by the tubular neighborhood theorem. We then proceed to do surgery on this imbedding.

The resulting trace of the surgery is the manifold-with-boundary

\displaystyle W = M \times I \cup_{S^{i-1} \times D^{q+1}} D^{i} \times D^{q+1}.

We would like to claim two things about {W}:

  1. The map {M \times I {\rightarrow} X \times I} extends (canonically) to a map {F: W \rightarrow X \times I} (carrying the boundary into {X \times \left\{0, 1\right\}}).
  2. The identification of the stable normal bundle of {M} with {f^*\xi} extends to an identification of that of {W} with {F^*\xi}.

In order to see (1), observe that {W} has the homotopy type of an {i}-cell attached along {\alpha}. To extend {M \rightarrow X} along {W} is to give a null-homotopy of {f \circ \alpha}, which is precisely what we have been given.

In order to see (2), observe that the stable normal bundle on {W} is specified by the bundle {\nu \simeq f^*\xi} on {M} and by a trivialization of {\nu|_{S^{i-1}}}: namely, by the trivialization given by the tubular neighborhood {S^{i-1} \times D^{q+1}} of {\alpha(S^{i-1})}. But this trivialization coincides with the trivialization of {f^*\xi} arising from the nullhomotopy of {f \circ \alpha}, by construction of the tubular neighborhood. Since these two trivializations coincide, we find that {M' \rightarrow X} is still a normal map: even better, {W \rightarrow X \times I} is a normal map. Moreover, the fundamental class in {(W, \partial W)} maps to that of {(X \times I, X \times \partial I)}. This implies that the fundamental class of {M' } goes to that of {X}.

What can we say about the map {f': M' \rightarrow X} that we have produced? Observe that {W} is obtained by attaching an {i}-cell along {\alpha} and {W \rightarrow X} is based on the nullhomotopy given by {\alpha} itself. It follows that {\alpha} is killed in {\pi_i(X, W)}. More precisely, the map

\displaystyle \pi_k(X, M) \rightarrow \pi_k(X, W)

is an isomorphism for {k < i}, and a surjection for {k =i} with {\alpha} in the kernel. Moreover, up to homotopy, {W} is obtained from {M'} by attaching a {(q+1)}-cell, where {q = \dim M - i \geq i }. It follows that {\pi_k(X,M' ) \rightarrow \pi_k(X, W)} is an isomorphism for {k \leq i}. Putting these together, we find that

\displaystyle \pi_k(X, M) \simeq \pi_k(X, M') , \quad k < i,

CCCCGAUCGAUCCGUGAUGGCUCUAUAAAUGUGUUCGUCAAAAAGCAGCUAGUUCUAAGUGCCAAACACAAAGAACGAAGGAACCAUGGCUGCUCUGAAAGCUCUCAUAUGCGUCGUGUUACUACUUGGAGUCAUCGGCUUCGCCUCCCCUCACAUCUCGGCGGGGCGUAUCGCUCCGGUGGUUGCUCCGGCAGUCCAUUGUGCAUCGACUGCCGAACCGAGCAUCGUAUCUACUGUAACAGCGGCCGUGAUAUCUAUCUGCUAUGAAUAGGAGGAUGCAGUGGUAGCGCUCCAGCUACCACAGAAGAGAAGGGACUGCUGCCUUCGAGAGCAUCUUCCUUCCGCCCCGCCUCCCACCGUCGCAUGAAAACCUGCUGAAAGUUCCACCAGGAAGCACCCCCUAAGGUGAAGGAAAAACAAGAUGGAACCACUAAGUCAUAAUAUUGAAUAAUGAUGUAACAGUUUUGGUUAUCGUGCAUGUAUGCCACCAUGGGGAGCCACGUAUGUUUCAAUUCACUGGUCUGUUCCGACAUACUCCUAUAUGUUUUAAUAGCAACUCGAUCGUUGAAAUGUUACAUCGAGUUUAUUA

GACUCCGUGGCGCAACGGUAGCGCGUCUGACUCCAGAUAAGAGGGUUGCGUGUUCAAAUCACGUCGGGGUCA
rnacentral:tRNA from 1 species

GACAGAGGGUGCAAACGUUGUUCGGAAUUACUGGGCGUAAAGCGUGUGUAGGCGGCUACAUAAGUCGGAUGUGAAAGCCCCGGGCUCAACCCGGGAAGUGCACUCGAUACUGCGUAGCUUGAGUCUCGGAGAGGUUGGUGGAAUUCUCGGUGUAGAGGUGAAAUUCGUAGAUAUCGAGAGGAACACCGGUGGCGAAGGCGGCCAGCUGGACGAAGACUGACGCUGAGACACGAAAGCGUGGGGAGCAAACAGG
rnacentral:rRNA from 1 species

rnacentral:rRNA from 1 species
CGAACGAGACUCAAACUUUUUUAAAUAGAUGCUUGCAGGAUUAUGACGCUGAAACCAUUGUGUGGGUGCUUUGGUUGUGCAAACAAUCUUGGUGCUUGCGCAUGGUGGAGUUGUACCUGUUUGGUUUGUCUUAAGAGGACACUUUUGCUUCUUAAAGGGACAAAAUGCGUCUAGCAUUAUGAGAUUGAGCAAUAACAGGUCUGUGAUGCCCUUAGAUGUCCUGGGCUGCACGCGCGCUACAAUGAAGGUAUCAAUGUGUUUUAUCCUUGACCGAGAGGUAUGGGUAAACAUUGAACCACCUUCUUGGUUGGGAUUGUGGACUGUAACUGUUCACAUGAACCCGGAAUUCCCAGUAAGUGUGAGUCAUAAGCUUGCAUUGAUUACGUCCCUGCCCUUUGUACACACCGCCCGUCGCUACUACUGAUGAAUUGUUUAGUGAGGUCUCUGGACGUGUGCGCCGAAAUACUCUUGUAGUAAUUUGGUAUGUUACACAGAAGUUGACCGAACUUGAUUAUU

while {\pi_i(X, M')} is smaller than {\pi_k(X, M)}. Note moreover that {M' \rightarrow X} preserves fundamental classes: we have in fact not modified the top homology group by passing to {M'}.

Continuing this process, we can kill all the homotopy groups below the “middle dimension.” \Box

Example 3 Let’s take {X = S^{2m}}. To give a degree one normal map {f: M \rightarrow X} is equivalent to giving aframed {2m}-manifold (as the map {f} comes from free by crushing the {(2m-1)}-skeleton). The claim is that one can perform framed surgery on {M} so as to produce a {(m-1)}-connected manifold. In other words, every framed {2m}-manifold is framed cobordant to a framed {(m-1)}-connected manifold. If we could continue framed surgery and get an {m}-connected manifold, Poincaré duality would imply that we had a homotopy sphere. It turns out that, in all but finitely many dimensions, the obstruction to doing so vanishes, and every framed cobordism class is represented by a homotopy sphere. We will see that this happens for {m} even in the next section. (For {m} odd, the question is equivalent to the Kervaire invariant problem.)

3. The surgery obstruction

It follows that, given an {n}-dimensional (for {n = 2m}) simply connected Poincaré complex {X} with a lift of the Spivak fibration to a vector bundle, we can produce a degree one normal map {f: M \rightarrow X} which is {m}-connected. We now would like to find the obstruction to continuing this process. Note, however, that there is exactly one more step to getting a homotopy equivalence. This will follow from the next lemma and the following discussion.

Lemma 6 Let {f: M \rightarrow X} be a degree one map of Poincaré complexes. Then for any abelian group {G},\displaystyle f_*: H_*(M; G) \rightarrow H_*(X; G)

is a split surjection.

Proof: In fact, we observe that there is a commutative diagram

The splitting comes from chasing around the diagram, since the vertical maps are isomorphisms. \Box

Now suppose {f: M \rightarrow X} is {m}-connected, for {m = \frac{n}{2}}. Then the Hurewicz theorem implies that {H_i(X; M; \mathbb{Z}) = 0} for {i \leq m} and that the Hurewicz map

\displaystyle \pi_{m+1}(X, M) \rightarrow H_{m+1}(X , M; \mathbb{Z})

is an isomorphism. In particular, we find that the split surjection {H_i(M; \mathbb{Z}) \rightarrow H_i(X; \mathbb{Z})} is an isomorphism for {i < m}. If it were an isomorphism for {i = m}, then Poincaré duality would imply that we had a homotopy equivalence already.

So let {K = K(f) = \ker( H_m(M; \mathbb{Z}) \rightarrow H_m(X; \mathbb{Z})) \simeq \pi_{m+1}(X, M)}. The final step in the surgery process is to kill the group {K}. The theorem thus follows from:

Proposition 7 Surgery on {f: M \rightarrow X} can kill {K} if and only if {X} satisfies Hirzebruch’s signature formula.